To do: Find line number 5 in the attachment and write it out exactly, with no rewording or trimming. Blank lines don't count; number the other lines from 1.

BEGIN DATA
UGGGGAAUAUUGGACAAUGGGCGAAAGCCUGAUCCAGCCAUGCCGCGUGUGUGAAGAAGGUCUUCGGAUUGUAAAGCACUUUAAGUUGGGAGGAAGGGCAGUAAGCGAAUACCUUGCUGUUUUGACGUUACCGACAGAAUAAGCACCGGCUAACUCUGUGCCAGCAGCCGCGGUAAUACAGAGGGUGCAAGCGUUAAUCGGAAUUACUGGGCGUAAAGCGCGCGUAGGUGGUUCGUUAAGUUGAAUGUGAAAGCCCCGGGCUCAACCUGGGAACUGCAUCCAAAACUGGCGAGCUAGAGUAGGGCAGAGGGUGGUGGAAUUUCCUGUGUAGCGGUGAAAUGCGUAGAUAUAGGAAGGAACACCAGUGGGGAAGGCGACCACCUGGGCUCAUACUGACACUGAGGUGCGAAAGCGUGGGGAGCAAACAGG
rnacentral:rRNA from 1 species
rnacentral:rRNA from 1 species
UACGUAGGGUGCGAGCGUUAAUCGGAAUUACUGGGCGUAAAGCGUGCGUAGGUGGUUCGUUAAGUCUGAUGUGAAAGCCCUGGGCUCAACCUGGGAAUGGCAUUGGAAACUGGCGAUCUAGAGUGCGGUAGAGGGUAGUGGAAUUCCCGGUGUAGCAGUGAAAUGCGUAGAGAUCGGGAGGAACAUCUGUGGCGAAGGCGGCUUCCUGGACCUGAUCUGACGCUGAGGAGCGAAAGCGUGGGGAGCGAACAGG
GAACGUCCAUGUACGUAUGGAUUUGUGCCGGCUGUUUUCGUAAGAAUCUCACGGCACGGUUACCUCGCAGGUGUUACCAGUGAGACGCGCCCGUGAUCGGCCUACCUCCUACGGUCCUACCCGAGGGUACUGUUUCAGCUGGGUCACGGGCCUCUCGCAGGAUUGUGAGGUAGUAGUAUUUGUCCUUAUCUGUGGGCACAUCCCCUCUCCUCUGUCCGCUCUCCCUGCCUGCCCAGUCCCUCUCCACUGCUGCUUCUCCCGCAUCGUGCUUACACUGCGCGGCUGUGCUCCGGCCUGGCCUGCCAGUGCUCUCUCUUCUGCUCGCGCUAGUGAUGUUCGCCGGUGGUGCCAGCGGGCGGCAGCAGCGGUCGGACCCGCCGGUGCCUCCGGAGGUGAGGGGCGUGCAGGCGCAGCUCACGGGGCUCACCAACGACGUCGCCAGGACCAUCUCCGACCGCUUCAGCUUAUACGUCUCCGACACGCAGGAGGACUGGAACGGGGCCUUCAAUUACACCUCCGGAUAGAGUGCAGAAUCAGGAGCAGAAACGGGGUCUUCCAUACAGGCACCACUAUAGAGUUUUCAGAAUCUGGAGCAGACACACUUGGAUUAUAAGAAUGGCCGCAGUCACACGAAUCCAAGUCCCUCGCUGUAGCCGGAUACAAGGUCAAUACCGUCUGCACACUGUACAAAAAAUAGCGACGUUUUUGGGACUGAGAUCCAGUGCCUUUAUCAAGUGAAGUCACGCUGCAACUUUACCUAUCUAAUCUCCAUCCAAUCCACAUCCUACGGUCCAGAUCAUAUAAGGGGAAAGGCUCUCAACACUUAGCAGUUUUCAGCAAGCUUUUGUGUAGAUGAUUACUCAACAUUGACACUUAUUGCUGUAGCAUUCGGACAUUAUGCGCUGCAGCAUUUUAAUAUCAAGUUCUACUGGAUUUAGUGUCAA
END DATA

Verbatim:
GAACGUCCAUGUACGUAUGGAUUUGUGCCGGCUGUUUUCGUAAGAAUCUCACGGCACGGUUACCUCGCAGGUGUUACCAGUGAGACGCGCCCGUGAUCGGCCUACCUCCUACGGUCCUACCCGAGGGUACUGUUUCAGCUGGGUCACGGGCCUCUCGCAGGAUUGUGAGGUAGUAGUAUUUGUCCUUAUCUGUGGGCACAUCCCCUCUCCUCUGUCCGCUCUCCCUGCCUGCCCAGUCCCUCUCCACUGCUGCUUCUCCCGCAUCGUGCUUACACUGCGCGGCUGUGCUCCGGCCUGGCCUGCCAGUGCUCUCUCUUCUGCUCGCGCUAGUGAUGUUCGCCGGUGGUGCCAGCGGGCGGCAGCAGCGGUCGGACCCGCCGGUGCCUCCGGAGGUGAGGGGCGUGCAGGCGCAGCUCACGGGGCUCACCAACGACGUCGCCAGGACCAUCUCCGACCGCUUCAGCUUAUACGUCUCCGACACGCAGGAGGACUGGAACGGGGCCUUCAAUUACACCUCCGGAUAGAGUGCAGAAUCAGGAGCAGAAACGGGGUCUUCCAUACAGGCACCACUAUAGAGUUUUCAGAAUCUGGAGCAGACACACUUGGAUUAUAAGAAUGGCCGCAGUCACACGAAUCCAAGUCCCUCGCUGUAGCCGGAUACAAGGUCAAUACCGUCUGCACACUGUACAAAAAAUAGCGACGUUUUUGGGACUGAGAUCCAGUGCCUUUAUCAAGUGAAGUCACGCUGCAACUUUACCUAUCUAAUCUCCAUCCAAUCCACAUCCUACGGUCCAGAUCAUAUAAGGGGAAAGGCUCUCAACACUUAGCAGUUUUCAGCAAGCUUUUGUGUAGAUGAUUACUCAACAUUGACACUUAUUGCUGUAGCAUUCGGACAUUAUGCGCUGCAGCAUUUUAAUAUCAAGUUCUACUGGAUUUAGUGUCAA